On Tuesday the market got yet another reminder of just how painful the “current commodity price environment” has been for producers when Chesapeake eliminated its common dividend in order to conserve cash.
After noting the plunge in Chesapeake’s shares (to a 12-year low) we subsequently outlined why the US shale “revolution” is now running out of lifelines as hedges roll off and as the next round of credit line assessments looms in October.
A persistent theme here – as regular readers are no doubt aware – has been the extent to which an ultra-accommodative Fed has contributed to a deflationary supply glut by ensuring that beleaguered producers retain access to capital markets. In short, cash-strapped companies who would have otherwise gone out of business have been able to stay afloat thanks to the fact that Fed policy has herded investors into risk assets.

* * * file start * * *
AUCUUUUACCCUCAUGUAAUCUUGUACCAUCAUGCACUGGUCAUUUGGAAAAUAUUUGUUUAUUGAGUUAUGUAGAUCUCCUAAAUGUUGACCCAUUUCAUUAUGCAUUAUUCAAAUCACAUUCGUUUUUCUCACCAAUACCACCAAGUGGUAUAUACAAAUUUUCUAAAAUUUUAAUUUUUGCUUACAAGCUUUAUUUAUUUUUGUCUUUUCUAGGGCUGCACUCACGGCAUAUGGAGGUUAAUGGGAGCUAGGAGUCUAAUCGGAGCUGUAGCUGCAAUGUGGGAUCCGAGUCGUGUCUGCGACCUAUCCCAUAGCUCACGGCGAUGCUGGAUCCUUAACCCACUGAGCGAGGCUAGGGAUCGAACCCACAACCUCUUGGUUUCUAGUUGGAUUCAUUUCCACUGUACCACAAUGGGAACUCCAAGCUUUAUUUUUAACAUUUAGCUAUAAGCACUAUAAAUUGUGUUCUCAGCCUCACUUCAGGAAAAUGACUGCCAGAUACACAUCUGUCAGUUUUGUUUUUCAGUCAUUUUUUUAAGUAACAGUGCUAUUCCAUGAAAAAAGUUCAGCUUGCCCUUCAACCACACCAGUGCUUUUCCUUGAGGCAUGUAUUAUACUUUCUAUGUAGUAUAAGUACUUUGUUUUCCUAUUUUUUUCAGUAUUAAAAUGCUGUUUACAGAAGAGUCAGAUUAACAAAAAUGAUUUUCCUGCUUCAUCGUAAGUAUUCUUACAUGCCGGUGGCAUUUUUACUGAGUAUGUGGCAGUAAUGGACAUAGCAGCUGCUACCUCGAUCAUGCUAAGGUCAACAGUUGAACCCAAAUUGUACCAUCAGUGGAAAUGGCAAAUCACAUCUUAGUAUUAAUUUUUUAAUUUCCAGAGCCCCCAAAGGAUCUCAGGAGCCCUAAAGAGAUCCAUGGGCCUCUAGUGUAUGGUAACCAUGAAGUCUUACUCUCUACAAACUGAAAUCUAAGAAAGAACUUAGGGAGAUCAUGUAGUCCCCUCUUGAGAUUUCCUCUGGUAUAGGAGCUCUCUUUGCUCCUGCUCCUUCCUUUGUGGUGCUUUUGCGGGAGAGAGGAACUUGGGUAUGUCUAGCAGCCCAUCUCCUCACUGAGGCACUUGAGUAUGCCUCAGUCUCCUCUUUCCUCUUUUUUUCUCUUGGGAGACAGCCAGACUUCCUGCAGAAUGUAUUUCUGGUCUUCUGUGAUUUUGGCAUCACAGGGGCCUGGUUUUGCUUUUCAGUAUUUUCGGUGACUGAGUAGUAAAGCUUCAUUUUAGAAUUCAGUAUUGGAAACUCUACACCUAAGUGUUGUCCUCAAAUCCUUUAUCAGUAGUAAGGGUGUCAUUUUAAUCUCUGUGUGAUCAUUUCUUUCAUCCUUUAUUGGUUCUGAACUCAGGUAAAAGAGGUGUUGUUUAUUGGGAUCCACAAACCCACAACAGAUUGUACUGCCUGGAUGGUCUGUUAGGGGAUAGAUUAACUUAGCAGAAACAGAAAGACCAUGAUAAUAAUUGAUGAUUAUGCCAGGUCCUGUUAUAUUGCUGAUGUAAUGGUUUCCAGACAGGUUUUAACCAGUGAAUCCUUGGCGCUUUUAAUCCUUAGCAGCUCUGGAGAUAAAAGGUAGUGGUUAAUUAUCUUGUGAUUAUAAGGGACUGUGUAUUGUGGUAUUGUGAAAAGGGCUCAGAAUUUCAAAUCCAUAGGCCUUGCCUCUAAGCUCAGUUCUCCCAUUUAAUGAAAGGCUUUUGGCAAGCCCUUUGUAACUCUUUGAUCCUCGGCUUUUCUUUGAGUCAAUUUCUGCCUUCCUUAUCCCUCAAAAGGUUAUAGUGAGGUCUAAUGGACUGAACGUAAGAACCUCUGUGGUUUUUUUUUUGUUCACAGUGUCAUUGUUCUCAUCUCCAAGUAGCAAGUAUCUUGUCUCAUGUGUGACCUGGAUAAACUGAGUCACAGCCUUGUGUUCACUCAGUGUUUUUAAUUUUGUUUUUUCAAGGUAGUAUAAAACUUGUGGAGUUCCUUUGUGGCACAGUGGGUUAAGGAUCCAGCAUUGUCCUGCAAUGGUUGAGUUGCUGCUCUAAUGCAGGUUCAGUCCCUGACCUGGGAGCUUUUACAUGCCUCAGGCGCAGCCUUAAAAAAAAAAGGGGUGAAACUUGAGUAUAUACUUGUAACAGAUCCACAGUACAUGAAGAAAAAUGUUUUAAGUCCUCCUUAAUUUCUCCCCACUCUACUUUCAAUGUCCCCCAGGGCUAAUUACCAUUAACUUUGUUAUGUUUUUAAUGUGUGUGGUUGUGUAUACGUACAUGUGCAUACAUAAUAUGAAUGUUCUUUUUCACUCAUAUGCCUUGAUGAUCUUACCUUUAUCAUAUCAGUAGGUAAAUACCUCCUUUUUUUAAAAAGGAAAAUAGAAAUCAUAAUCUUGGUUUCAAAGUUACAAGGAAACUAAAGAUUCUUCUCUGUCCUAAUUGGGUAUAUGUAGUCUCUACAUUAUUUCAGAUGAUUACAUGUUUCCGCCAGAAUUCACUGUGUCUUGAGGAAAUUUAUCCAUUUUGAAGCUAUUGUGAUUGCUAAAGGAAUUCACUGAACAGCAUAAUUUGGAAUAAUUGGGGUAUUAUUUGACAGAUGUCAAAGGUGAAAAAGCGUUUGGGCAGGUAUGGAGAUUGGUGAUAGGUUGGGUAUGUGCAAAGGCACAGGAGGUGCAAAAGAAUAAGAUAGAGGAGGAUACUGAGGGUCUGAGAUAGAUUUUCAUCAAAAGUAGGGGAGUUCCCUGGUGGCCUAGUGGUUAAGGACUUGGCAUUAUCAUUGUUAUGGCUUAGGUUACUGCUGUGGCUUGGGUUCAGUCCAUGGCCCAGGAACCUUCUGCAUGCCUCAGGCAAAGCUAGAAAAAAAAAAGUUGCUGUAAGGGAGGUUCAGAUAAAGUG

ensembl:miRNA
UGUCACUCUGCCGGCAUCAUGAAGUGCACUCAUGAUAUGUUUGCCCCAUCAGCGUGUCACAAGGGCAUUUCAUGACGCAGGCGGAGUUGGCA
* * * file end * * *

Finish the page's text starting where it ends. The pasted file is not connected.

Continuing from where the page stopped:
In a ZIRP world, there’s plenty of demand for new HY issuance and ill-fated secondaries, which means the digging, drilling, and pumping gets to continue indefinitely in what may end up being one of the most dramatic instances of malinvestment the market has ever seen.
Those who contend that the downturn simply cannot last much longer – that the supply/demand imbalance will soon even out, that the market will clear sooner rather than later, and that even if the weaker hands are shaken out, the pain for the majors will be relatively short-lived – are perhaps ignoring the underlying narrative that helps to explain why the situation looks like it does. At heart, this is a struggle between the Fed’s ZIRP and the Saudis, who appear set to outlast the easy money that’s kept US producers alive.
Against that backdrop, and amid Wednesday’s crude carnage, we turn to Morgan Stanley for more on why the current downturn will be “worse